Milwaukee Man Found Frozen Solid in Garage After Shoveling Snow

This is how cold it is in the Milwaukee/Chicago corridor: a man was found frozen solid in his garage after shoveling snow on Tuesday.

It has been below zero in the area for several days and on Tuesday authorities reported that Milwaukee resident Charley Lampley, 55, was found frozen solid in his garage, Chicago’s CBS affiliate reported.

The Milwaukee County Medical Examiner’s Office said that Lampley was found on the garage floor next to s snow shovel.

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The man was fully clothed, gloved and booted, and ready for the weather.

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He was not found until morning so he lay there over night.

Authorities imagine that Lampley had a heart attack after shoveling snow and keeled over in the garage.

By some counts about 100 people die every year from heart attacks from shoveling snow.

“A study looking at data from 1990 to 2006 by researchers at the US Nationwide Children’s Hospital recorded 1,647 fatalities from cardiac-related injuries associated with shoveling snow. In Canada, these deaths make the news every winter,” the BBC recently reported.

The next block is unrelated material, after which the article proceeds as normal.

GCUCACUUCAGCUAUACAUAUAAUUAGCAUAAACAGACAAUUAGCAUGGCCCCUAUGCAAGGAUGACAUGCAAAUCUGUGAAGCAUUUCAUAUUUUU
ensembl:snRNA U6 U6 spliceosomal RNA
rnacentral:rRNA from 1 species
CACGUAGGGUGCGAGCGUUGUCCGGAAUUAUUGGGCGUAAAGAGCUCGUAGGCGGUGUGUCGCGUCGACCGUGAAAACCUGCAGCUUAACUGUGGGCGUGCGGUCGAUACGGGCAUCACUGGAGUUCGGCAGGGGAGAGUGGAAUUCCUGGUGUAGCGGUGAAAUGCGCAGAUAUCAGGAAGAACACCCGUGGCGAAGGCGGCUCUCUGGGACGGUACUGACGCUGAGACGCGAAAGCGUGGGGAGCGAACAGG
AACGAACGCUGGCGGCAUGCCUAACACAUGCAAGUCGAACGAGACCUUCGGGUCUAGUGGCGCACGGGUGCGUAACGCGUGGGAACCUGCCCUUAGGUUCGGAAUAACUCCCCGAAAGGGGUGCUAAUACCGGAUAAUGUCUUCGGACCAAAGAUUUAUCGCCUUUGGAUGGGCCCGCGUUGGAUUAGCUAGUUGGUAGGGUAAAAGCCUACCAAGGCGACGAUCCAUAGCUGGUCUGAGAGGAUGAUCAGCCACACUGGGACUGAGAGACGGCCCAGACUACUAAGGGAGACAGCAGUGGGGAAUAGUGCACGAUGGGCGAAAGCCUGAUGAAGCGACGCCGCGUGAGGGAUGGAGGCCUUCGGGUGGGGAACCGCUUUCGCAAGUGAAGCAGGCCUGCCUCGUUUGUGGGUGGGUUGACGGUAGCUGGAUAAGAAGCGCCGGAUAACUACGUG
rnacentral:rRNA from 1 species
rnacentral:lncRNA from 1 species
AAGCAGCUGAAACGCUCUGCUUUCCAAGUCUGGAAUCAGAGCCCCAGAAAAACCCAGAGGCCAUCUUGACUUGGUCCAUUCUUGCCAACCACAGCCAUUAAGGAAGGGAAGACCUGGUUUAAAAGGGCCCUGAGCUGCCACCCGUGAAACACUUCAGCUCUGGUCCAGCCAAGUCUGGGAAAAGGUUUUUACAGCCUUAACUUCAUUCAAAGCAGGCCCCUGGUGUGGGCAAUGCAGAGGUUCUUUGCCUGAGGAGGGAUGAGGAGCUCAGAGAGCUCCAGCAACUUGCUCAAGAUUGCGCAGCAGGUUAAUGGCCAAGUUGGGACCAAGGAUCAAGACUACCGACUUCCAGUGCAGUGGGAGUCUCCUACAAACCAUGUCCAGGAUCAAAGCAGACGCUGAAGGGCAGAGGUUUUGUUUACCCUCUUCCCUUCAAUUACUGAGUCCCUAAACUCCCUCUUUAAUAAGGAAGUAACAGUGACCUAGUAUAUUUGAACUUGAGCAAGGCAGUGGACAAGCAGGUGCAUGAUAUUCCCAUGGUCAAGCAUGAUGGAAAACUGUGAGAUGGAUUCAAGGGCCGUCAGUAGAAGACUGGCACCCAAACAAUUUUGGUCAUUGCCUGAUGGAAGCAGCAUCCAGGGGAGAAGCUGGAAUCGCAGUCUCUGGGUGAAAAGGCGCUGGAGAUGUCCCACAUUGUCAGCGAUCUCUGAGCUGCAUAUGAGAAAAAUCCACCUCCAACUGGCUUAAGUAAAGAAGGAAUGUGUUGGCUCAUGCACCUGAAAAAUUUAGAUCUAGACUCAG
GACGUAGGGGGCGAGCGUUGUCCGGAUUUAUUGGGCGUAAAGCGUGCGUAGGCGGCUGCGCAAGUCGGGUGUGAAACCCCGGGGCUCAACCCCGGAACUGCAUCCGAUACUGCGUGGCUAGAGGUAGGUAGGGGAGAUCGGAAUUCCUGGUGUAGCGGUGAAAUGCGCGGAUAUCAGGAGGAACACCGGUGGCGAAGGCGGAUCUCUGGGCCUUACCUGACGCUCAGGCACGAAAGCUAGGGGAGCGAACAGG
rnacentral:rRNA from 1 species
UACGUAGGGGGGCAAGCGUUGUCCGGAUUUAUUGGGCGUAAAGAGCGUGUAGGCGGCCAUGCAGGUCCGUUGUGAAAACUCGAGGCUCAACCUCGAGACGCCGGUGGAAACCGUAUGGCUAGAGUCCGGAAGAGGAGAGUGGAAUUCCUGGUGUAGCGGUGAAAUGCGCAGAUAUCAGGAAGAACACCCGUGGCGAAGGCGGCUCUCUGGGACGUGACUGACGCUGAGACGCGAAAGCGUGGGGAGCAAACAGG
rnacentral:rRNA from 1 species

One reason that shoveling is a problem is because it requires arm work as opposed to leg work. Arm work is far more strenuous than leg work. Indeed, shoveling snow is worse than many exercise programs.

Cardiologist Barry Franklin, an expert in the hazardous effects of snow removal, believes the number of deaths could be double that. “I believe we lose hundreds of people each year because of this activity,” says Franklin, director of preventative cardiology and cardiac rehabilitation at William Beaumont Hospital, Michigan.

His team found that when healthy young men shoveled snow, their heart rate and blood pressure increased more than when they exercised on a treadmill. “Combine this with cold air, which causes arteries to constrict and decrease blood supply, you have a perfect storm for a heart attack,” he says.

So, let’s be careful out there, folks.

Follow Warner Todd Huston on Twitter @warnerthuston.

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